“Well, that was theology,” I said. “Sort of. Applied theology. She had three buckets set up by the bed. If I caught fire twice, she’d put it out with the first two buckets. The third one, she told me was full of holy water.”

There had actually been more to it than that… she’d also given me an approximation of what I could expect, by sticking her own hand into hot oil. I didn’t see any point in horrifying Twyla any further than necessary to dissuade her from wanting to contact my grandmother.

“Oh. Um… paladins can do that?”

“Well, they don’t usually carry around holy water to bless things,” I said.

“Oh. Well, anyway, I don’t really think that would work,” she said.

“Right? Because holy water doesn’t stay holy in an open or unconsecrated vessel,” I said. “But the threat seemed real, so… well…” I shrugged. “I wouldn’t really recommend it, anyway.”

“What would you recommend?” she asked.

“I don’t know,” I said. “Meditation? Positive reinforcement? There isn’t exactly a guidebook out there… though my grandmother can’t be the only person who’s ever raised up a half-demon after they turned, so maybe there is.”

“Oh, I wasn’t asking about a half-demon… um, specifically, I mean,” Twyla said.

“Weren’t you asking about me?” I asked.

“Yeah, just as an example,” she said.

“What are we talking about, then?” I asked.

“No one… it’s hypothetical,” she said. “I just… it seemed… like an interesting topic?”

She stood there, practically radiating her desperation for me to believe… whatever it was she wanted me to believe. Possibly it was the sheer weight of her wanting me not to put two and two together that put me in mind of what I’d seen in the cafeteria the other day: Twyla’s tray catching fire.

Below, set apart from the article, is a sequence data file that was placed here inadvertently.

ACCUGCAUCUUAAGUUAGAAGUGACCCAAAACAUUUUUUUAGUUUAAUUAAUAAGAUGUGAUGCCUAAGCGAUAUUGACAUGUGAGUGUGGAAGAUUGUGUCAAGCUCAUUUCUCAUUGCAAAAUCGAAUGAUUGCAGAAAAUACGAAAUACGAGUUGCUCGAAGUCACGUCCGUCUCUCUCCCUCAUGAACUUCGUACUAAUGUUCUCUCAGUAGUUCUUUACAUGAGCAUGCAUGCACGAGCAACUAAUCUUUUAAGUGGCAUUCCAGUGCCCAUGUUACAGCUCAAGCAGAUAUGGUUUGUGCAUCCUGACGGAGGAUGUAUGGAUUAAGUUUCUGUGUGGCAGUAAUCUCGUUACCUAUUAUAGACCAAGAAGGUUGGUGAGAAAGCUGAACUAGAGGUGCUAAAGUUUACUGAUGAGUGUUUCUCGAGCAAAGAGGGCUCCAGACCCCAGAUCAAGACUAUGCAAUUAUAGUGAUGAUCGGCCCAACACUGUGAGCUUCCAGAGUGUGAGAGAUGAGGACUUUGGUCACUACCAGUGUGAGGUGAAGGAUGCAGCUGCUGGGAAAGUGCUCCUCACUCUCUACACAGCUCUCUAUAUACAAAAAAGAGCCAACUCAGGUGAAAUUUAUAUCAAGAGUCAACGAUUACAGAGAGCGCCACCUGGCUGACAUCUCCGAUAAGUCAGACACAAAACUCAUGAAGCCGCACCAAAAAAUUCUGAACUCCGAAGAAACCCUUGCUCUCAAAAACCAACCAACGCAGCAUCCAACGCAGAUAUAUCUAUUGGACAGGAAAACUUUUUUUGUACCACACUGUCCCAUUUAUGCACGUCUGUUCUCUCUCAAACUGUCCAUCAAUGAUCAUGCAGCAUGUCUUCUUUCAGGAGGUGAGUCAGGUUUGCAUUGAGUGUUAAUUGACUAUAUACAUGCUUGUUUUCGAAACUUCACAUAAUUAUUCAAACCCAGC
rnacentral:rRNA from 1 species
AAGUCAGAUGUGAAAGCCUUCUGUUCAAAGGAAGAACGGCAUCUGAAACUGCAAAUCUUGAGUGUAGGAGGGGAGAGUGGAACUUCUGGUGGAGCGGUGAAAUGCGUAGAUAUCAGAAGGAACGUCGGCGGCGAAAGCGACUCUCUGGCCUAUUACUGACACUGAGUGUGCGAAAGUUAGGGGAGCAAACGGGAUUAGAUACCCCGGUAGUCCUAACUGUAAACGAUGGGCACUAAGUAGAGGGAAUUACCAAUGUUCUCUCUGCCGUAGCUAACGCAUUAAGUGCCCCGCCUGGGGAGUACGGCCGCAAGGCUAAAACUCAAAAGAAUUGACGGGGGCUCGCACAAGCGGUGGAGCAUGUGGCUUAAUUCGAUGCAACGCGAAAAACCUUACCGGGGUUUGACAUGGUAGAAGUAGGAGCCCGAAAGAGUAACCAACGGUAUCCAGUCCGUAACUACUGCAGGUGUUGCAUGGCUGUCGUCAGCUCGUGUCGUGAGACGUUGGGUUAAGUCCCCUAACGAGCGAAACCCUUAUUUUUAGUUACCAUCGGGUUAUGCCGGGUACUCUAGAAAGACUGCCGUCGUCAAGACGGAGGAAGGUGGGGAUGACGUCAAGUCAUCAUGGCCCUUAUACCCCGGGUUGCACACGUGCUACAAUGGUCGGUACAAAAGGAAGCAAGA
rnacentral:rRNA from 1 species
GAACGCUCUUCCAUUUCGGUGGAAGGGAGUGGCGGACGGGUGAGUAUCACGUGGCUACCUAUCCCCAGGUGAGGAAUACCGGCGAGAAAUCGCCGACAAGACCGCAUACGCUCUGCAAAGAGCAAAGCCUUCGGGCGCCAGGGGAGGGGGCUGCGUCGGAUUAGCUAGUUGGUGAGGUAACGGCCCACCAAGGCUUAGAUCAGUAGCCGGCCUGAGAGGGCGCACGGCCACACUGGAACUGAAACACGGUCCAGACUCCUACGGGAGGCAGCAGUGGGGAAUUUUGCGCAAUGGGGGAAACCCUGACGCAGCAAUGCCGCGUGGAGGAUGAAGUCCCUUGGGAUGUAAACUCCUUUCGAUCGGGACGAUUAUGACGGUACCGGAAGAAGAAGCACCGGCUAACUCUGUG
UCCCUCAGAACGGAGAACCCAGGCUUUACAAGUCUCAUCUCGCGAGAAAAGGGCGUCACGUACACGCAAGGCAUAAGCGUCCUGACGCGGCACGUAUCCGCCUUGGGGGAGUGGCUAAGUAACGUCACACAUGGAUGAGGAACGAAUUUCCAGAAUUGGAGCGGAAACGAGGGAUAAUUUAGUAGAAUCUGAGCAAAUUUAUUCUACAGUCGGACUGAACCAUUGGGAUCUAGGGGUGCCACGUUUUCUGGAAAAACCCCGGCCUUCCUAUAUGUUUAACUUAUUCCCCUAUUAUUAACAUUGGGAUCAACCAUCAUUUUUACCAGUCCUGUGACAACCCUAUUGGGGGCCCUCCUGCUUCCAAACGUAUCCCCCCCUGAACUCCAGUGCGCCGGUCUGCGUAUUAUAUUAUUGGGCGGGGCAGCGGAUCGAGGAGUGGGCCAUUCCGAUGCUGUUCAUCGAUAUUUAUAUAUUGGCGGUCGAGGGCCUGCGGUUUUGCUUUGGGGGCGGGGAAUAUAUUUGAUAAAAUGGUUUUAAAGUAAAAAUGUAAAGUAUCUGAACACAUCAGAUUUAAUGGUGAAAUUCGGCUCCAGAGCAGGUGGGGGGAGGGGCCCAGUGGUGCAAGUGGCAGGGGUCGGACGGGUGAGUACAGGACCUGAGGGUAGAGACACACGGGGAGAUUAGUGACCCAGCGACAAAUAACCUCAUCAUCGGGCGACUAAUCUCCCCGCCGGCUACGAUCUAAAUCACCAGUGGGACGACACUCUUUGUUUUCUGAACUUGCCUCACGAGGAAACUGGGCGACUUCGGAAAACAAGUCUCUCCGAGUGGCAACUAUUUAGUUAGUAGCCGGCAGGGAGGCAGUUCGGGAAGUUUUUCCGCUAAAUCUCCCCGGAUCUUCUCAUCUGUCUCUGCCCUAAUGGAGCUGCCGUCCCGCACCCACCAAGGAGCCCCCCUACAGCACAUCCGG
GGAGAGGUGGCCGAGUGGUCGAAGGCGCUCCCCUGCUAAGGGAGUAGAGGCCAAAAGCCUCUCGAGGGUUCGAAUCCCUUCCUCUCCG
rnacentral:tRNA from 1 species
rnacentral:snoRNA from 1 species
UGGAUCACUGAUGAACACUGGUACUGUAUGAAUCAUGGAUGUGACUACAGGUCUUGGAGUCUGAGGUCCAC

I’d missed the “before”, only caught a glimpse of the “during” and “after”… if Twyla had been in the same sort of programs as I was, I could believe it to have been an incantation practiced at an unwise time, or a misfire of an improperly charged item. It could have been an extremely malicious and dangerous prank from someone playing off her “demonic” looks. It could have been any number of things… but here was Twyla on my doorstep, asking questions about how I controlled my fire.

The first thought that went through my head was an absurd one: maybe she’s part-demon… separately from whatever had given her the horns. It was an absurd thought because it was impossible. Whatever branch of Khersianism Twyla practiced, they weren’t as big on the showy icons as the Universal Temple, but she had to pray. Maybe there was some fraction of demon blood that was small enough that she wouldn’t get more than an uncomfortable tingling feeling from that, but I doubted it was high enough that she’d be spontaneously manifesting fire.